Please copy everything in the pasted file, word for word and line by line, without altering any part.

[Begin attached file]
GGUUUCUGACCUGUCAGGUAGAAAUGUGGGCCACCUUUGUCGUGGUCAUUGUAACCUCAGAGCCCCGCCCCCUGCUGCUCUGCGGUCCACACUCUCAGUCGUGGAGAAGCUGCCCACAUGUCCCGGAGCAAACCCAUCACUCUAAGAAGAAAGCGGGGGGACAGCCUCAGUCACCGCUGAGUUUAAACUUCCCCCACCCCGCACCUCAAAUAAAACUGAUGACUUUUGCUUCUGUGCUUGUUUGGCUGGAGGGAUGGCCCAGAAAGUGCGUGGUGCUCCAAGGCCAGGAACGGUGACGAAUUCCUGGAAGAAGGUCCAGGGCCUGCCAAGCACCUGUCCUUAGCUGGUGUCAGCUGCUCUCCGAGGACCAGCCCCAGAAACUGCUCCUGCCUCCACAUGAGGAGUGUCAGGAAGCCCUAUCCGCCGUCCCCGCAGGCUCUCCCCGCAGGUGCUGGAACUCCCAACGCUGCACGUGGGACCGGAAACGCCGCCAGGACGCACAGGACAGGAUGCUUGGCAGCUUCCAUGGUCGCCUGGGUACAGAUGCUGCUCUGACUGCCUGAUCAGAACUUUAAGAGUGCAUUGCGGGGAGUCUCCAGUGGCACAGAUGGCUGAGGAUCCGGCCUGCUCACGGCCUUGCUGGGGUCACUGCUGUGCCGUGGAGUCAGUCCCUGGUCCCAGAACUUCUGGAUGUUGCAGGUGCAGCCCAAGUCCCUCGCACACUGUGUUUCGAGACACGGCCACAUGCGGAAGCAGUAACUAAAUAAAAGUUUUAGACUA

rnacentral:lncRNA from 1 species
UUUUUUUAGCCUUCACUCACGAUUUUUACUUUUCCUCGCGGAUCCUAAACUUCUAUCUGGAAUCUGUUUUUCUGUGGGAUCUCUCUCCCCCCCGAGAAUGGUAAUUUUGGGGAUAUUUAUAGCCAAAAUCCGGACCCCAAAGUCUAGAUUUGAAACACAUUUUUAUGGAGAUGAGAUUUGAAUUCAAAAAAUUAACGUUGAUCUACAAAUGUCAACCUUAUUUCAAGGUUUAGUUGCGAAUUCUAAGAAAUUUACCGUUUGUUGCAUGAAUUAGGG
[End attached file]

GGUUUCUGACCUGUCAGGUAGAAAUGUGGGCCACCUUUGUCGUGGUCAUUGUAACCUCAGAGCCCCGCCCCCUGCUGCUCUGCGGUCCACACUCUCAGUCGUGGAGAAGCUGCCCACAUGUCCCGGAGCAAACCCAUCACUCUAAGAAGAAAGCGGGGGGACAGCCUCAGUCACCGCUGAGUUUAAACUUCCCCCACCCCGCACCUCAAAUAAAACUGAUGACUUUUGCUUCUGUGCUUGUUUGGCUGGAGGGAUGGCCCAGAAAGUGCGUGGUGCUCCAAGGCCAGGAACGGUGACGAAUUCCUGGAAGAAGGUCCAGGGCCUGCCAAGCACCUGUCCUUAGCUGGUGUCAGCUGCUCUCCGAGGACCAGCCCCAGAAACUGCUCCUGCCUCCACAUGAGGAGUGUCAGGAAGCCCUAUCCGCCGUCCCCGCAGGCUCUCCCCGCAGGUGCUGGAACUCCCAACGCUGCACGUGGGACCGGAAACGCCGCCAGGACGCACAGGACAGGAUGCUUGGCAGCUUCCAUGGUCGCCUGGGUACAGAUGCUGCUCUGACUGCCUGAUCAGAACUUUAAGAGUGCAUUGCGGGGAGUCUCCAGUGGCACAGAUGGCUGAGGAUCCGGCCUGCUCACGGCCUUGCUGGGGUCACUGCUGUGCCGUGGAGUCAGUCCCUGGUCCCAGAACUUCUGGAUGUUGCAGGUGCAGCCCAAGUCCCUCGCACACUGUGUUUCGAGACACGGCCACAUGCGGAAGCAGUAACUAAAUAAAAGUUUUAGACUA

rnacentral:lncRNA from 1 species
UUUUUUUAGCCUUCACUCACGAUUUUUACUUUUCCUCGCGGAUCCUAAACUUCUAUCUGGAAUCUGUUUUUCUGUGGGAUCUCUCUCCCCCCCGAGAAUGGUAAUUUUGGGGAUAUUUAUAGCCAAAAUCCGGACCCCAAAGUCUAGAUUUGAAACACAUUUUUAUGGAGAUGAGAUUUGAAUUCAAAAAAUUAACGUUGAUCUACAAAUGUCAACCUUAUUUCAAGGUUUAGUUGCGAAUUCUAAGAAAUUUACCGUUUGUUGCAUGAAUUAGGG